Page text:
Penn State QB Sean Clifford was not only bothered by Young's harassment, he may not have been the Nittany Lions best signal caller. After Clifford was knocked out of the game in the third quarter, true freshman Will Levis entered to lead Penn State to 17 third-quarter points. Where had this kid been hiding? In the short time he played, Levis obviously had a better arm and better legs than Clifford, the Big Ten's No. 2 passer.

That will be a question this week for coach James Franklin. He'll also have to answer for punting twice in the first half in Ohio State territory (37, 42). Turns out those decisions might have made a difference with potential points left out on the field. When Penn State drew within 21-17 with 4:22 left in the third quarter, Ohio State had contributed mightily to the comeback.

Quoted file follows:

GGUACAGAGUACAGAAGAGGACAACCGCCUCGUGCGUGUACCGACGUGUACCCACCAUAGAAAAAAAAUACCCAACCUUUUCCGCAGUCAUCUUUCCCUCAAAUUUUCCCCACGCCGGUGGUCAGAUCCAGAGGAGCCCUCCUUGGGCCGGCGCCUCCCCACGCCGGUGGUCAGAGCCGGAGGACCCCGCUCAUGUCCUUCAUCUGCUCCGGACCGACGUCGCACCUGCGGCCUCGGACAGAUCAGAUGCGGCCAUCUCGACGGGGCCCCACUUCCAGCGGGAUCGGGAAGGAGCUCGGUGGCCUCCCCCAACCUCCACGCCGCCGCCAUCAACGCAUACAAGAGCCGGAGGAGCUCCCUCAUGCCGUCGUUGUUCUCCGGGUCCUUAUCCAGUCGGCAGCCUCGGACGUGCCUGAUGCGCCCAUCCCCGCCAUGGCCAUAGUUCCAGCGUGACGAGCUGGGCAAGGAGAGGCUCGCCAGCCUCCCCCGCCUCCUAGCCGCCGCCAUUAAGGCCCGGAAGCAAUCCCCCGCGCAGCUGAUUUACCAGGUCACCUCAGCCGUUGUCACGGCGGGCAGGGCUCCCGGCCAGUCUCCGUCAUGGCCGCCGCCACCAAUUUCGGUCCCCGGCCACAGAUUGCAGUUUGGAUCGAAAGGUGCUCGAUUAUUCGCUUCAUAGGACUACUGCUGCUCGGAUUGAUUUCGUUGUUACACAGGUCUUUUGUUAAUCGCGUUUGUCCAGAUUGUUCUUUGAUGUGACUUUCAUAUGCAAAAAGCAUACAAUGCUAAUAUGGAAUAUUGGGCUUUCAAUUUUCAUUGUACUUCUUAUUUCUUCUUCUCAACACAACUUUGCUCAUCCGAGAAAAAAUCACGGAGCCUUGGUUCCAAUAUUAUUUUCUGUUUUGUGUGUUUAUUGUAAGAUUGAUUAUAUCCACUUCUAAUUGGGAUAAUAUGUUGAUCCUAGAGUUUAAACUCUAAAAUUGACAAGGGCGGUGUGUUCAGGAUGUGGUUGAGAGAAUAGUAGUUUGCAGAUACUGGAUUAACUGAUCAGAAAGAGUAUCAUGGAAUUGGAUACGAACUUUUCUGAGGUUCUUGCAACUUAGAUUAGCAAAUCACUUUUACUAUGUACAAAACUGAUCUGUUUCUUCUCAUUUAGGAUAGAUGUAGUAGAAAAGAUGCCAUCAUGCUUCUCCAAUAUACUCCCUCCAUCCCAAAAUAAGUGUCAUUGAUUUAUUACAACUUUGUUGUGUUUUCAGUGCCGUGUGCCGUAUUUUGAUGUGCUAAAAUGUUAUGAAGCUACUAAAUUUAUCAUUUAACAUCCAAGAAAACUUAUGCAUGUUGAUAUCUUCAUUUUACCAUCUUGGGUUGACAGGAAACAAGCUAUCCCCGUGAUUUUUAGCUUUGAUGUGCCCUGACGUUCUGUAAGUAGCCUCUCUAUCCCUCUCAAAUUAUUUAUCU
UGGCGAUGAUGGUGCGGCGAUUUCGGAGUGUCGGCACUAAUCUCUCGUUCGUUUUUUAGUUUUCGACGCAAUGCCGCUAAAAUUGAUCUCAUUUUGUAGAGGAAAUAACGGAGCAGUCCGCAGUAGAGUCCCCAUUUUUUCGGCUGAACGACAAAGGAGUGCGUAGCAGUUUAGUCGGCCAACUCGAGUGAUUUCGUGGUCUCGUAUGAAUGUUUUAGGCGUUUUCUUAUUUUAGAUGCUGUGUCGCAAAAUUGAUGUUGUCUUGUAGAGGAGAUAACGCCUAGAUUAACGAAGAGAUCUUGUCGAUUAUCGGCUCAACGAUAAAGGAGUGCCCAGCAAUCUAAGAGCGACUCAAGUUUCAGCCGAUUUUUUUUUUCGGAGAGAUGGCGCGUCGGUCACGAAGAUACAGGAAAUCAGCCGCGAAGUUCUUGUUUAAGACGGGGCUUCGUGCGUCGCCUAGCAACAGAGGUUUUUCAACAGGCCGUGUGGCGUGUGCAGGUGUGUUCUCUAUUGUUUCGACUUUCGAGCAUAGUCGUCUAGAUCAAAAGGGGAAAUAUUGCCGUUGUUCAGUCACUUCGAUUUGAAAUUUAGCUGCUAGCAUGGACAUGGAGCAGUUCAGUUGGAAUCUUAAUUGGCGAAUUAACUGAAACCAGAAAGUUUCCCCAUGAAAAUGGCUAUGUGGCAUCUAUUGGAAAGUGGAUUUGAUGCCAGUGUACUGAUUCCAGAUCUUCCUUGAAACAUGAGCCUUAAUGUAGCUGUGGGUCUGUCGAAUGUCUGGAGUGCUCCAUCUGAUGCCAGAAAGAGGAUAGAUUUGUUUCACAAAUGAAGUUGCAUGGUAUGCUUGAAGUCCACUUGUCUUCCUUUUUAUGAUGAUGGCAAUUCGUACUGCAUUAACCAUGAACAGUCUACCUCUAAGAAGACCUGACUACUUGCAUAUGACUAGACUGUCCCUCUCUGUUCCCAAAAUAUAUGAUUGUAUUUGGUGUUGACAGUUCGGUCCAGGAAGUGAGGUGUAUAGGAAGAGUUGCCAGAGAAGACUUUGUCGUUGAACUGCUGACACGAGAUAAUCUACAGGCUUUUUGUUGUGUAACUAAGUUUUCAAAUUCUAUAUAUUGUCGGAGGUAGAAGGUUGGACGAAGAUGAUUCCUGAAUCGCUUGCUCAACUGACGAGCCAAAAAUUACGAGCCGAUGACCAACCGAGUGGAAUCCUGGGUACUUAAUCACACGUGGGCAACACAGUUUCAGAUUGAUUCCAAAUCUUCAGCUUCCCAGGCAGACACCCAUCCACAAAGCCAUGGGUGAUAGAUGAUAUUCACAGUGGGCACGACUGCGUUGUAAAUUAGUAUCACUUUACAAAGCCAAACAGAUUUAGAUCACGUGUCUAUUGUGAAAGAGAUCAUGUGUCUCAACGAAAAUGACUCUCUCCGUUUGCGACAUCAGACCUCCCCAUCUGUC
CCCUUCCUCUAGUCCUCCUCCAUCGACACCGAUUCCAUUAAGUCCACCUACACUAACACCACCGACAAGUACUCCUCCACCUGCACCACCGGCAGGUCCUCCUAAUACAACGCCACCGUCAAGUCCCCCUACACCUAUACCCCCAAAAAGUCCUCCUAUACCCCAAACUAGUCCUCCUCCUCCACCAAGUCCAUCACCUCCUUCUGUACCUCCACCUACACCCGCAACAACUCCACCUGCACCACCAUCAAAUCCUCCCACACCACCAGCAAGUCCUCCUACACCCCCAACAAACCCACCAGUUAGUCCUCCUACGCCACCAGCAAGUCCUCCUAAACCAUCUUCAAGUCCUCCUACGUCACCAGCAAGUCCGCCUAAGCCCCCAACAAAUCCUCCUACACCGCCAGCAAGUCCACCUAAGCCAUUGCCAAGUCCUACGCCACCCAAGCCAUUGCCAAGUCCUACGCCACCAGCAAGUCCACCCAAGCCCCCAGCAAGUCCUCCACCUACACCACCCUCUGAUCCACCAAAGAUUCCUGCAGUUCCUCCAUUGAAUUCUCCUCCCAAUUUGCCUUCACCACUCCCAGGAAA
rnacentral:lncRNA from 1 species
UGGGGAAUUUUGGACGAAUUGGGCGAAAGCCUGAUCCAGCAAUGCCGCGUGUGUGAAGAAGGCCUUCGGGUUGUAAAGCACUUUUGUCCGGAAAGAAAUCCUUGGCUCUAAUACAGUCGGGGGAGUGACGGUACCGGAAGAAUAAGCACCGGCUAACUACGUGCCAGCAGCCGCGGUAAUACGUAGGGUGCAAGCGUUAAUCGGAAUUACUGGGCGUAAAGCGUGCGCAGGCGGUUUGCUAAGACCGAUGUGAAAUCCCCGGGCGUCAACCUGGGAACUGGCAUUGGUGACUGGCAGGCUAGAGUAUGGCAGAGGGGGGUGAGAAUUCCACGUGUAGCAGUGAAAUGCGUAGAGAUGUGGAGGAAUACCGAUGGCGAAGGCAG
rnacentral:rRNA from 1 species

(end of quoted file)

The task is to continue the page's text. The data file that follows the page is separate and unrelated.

J.K. Dobbins fumbled at his own 12. Three plays later, Levis plunged over the goal line to make it 21-14. On Ohio State's next drive, Fields fumbled at his own 35.

The resulting field goal drew the Nittany Lions to within four points. That was the end of Penn State's scoring on the day. The defense that had limited opponents to fewer than 10 points per game stiffened. Fields threw a magnificent 28-yard touchdown pass to Olave.

Our gambling friends in the desert won't be pleased that Ohio State (-19.5) did not cover, but like we said, pity was not the initial emotion.

"At the end of the day, it will be beneficial to us that we were in this game," said Ohio State center Josh Myers, "rather than if we were to blow them out. I think we got more out of today than we would had we blown them out."

That was the mentality. You knew which way Ohio State was headed offensively early on. The game-opening drive covered 91 yards in 13 plays, 12 of them runs. Dobbins ran for 157 yards. Both Dobbins (36) and Fields (21) had highs in rushing attempts.